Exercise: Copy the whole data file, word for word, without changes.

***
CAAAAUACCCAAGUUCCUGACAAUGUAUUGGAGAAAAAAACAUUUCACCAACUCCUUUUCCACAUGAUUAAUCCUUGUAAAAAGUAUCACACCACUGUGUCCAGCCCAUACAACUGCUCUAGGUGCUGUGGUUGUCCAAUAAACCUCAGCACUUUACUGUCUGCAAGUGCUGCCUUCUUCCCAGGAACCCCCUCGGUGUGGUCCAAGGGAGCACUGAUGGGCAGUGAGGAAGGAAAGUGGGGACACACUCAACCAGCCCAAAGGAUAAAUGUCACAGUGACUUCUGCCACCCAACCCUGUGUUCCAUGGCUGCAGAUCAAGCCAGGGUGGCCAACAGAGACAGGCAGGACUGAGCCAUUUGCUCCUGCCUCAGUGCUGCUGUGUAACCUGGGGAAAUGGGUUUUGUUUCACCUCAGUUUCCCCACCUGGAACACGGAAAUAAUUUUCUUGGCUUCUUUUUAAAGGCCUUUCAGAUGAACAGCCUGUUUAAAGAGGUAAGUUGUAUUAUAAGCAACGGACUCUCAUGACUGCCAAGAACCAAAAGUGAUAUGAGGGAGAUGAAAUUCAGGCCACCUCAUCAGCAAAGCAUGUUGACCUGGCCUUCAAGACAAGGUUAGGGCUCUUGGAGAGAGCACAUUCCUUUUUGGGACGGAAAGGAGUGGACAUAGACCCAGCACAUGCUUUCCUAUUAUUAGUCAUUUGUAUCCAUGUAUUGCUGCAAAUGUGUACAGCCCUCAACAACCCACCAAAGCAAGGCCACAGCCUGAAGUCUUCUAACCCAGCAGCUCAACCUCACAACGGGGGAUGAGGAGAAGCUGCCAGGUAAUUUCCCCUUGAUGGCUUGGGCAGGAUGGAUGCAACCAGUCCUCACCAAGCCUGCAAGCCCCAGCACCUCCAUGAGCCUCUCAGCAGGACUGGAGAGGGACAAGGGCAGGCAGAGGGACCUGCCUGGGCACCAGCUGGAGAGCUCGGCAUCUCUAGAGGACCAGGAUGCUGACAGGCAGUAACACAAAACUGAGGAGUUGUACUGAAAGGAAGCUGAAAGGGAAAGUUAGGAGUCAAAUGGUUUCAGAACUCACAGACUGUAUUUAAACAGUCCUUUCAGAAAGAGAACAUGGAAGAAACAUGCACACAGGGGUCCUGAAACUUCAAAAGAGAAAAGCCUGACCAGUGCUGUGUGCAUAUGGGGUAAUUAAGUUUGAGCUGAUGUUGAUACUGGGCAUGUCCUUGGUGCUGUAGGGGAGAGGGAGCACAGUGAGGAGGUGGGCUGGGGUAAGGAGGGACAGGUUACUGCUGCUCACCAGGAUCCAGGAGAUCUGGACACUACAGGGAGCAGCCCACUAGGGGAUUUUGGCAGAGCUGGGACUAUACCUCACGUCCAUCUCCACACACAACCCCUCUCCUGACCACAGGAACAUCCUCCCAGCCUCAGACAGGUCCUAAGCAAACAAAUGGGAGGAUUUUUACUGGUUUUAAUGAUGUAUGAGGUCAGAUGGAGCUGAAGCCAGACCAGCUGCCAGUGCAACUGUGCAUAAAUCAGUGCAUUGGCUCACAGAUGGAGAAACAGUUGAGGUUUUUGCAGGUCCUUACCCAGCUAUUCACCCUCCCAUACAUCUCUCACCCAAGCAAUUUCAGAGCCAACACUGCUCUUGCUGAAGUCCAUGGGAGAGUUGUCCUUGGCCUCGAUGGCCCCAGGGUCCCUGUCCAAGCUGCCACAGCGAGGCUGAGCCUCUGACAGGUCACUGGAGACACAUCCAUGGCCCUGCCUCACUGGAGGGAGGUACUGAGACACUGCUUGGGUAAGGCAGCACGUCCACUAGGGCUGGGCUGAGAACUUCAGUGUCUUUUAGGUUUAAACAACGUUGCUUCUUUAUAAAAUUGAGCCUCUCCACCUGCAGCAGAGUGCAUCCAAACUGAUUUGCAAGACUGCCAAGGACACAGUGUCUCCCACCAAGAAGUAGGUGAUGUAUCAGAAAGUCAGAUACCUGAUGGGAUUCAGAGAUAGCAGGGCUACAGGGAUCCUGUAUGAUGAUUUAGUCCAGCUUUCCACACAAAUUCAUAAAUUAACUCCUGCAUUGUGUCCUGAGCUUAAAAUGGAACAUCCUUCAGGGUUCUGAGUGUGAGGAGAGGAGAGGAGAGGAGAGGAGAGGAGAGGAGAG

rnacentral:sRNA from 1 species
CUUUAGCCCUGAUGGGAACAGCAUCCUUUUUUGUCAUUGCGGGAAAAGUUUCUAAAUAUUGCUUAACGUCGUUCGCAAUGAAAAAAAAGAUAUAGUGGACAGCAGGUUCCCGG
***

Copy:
CAAAAUACCCAAGUUCCUGACAAUGUAUUGGAGAAAAAAACAUUUCACCAACUCCUUUUCCACAUGAUUAAUCCUUGUAAAAAGUAUCACACCACUGUGUCCAGCCCAUACAACUGCUCUAGGUGCUGUGGUUGUCCAAUAAACCUCAGCACUUUACUGUCUGCAAGUGCUGCCUUCUUCCCAGGAACCCCCUCGGUGUGGUCCAAGGGAGCACUGAUGGGCAGUGAGGAAGGAAAGUGGGGACACACUCAACCAGCCCAAAGGAUAAAUGUCACAGUGACUUCUGCCACCCAACCCUGUGUUCCAUGGCUGCAGAUCAAGCCAGGGUGGCCAACAGAGACAGGCAGGACUGAGCCAUUUGCUCCUGCCUCAGUGCUGCUGUGUAACCUGGGGAAAUGGGUUUUGUUUCACCUCAGUUUCCCCACCUGGAACACGGAAAUAAUUUUCUUGGCUUCUUUUUAAAGGCCUUUCAGAUGAACAGCCUGUUUAAAGAGGUAAGUUGUAUUAUAAGCAACGGACUCUCAUGACUGCCAAGAACCAAAAGUGAUAUGAGGGAGAUGAAAUUCAGGCCACCUCAUCAGCAAAGCAUGUUGACCUGGCCUUCAAGACAAGGUUAGGGCUCUUGGAGAGAGCACAUUCCUUUUUGGGACGGAAAGGAGUGGACAUAGACCCAGCACAUGCUUUCCUAUUAUUAGUCAUUUGUAUCCAUGUAUUGCUGCAAAUGUGUACAGCCCUCAACAACCCACCAAAGCAAGGCCACAGCCUGAAGUCUUCUAACCCAGCAGCUCAACCUCACAACGGGGGAUGAGGAGAAGCUGCCAGGUAAUUUCCCCUUGAUGGCUUGGGCAGGAUGGAUGCAACCAGUCCUCACCAAGCCUGCAAGCCCCAGCACCUCCAUGAGCCUCUCAGCAGGACUGGAGAGGGACAAGGGCAGGCAGAGGGACCUGCCUGGGCACCAGCUGGAGAGCUCGGCAUCUCUAGAGGACCAGGAUGCUGACAGGCAGUAACACAAAACUGAGGAGUUGUACUGAAAGGAAGCUGAAAGGGAAAGUUAGGAGUCAAAUGGUUUCAGAACUCACAGACUGUAUUUAAACAGUCCUUUCAGAAAGAGAACAUGGAAGAAACAUGCACACAGGGGUCCUGAAACUUCAAAAGAGAAAAGCCUGACCAGUGCUGUGUGCAUAUGGGGUAAUUAAGUUUGAGCUGAUGUUGAUACUGGGCAUGUCCUUGGUGCUGUAGGGGAGAGGGAGCACAGUGAGGAGGUGGGCUGGGGUAAGGAGGGACAGGUUACUGCUGCUCACCAGGAUCCAGGAGAUCUGGACACUACAGGGAGCAGCCCACUAGGGGAUUUUGGCAGAGCUGGGACUAUACCUCACGUCCAUCUCCACACACAACCCCUCUCCUGACCACAGGAACAUCCUCCCAGCCUCAGACAGGUCCUAAGCAAACAAAUGGGAGGAUUUUUACUGGUUUUAAUGAUGUAUGAGGUCAGAUGGAGCUGAAGCCAGACCAGCUGCCAGUGCAACUGUGCAUAAAUCAGUGCAUUGGCUCACAGAUGGAGAAACAGUUGAGGUUUUUGCAGGUCCUUACCCAGCUAUUCACCCUCCCAUACAUCUCUCACCCAAGCAAUUUCAGAGCCAACACUGCUCUUGCUGAAGUCCAUGGGAGAGUUGUCCUUGGCCUCGAUGGCCCCAGGGUCCCUGUCCAAGCUGCCACAGCGAGGCUGAGCCUCUGACAGGUCACUGGAGACACAUCCAUGGCCCUGCCUCACUGGAGGGAGGUACUGAGACACUGCUUGGGUAAGGCAGCACGUCCACUAGGGCUGGGCUGAGAACUUCAGUGUCUUUUAGGUUUAAACAACGUUGCUUCUUUAUAAAAUUGAGCCUCUCCACCUGCAGCAGAGUGCAUCCAAACUGAUUUGCAAGACUGCCAAGGACACAGUGUCUCCCACCAAGAAGUAGGUGAUGUAUCAGAAAGUCAGAUACCUGAUGGGAUUCAGAGAUAGCAGGGCUACAGGGAUCCUGUAUGAUGAUUUAGUCCAGCUUUCCACACAAAUUCAUAAAUUAACUCCUGCAUUGUGUCCUGAGCUUAAAAUGGAACAUCCUUCAGGGUUCUGAGUGUGAGGAGAGGAGAGGAGAGGAGAGGAGAGGAGAGGAGAG

rnacentral:sRNA from 1 species
CUUUAGCCCUGAUGGGAACAGCAUCCUUUUUUGUCAUUGCGGGAAAAGUUUCUAAAUAUUGCUUAACGUCGUUCGCAAUGAAAAAAAAGAUAUAGUGGACAGCAGGUUCCCGG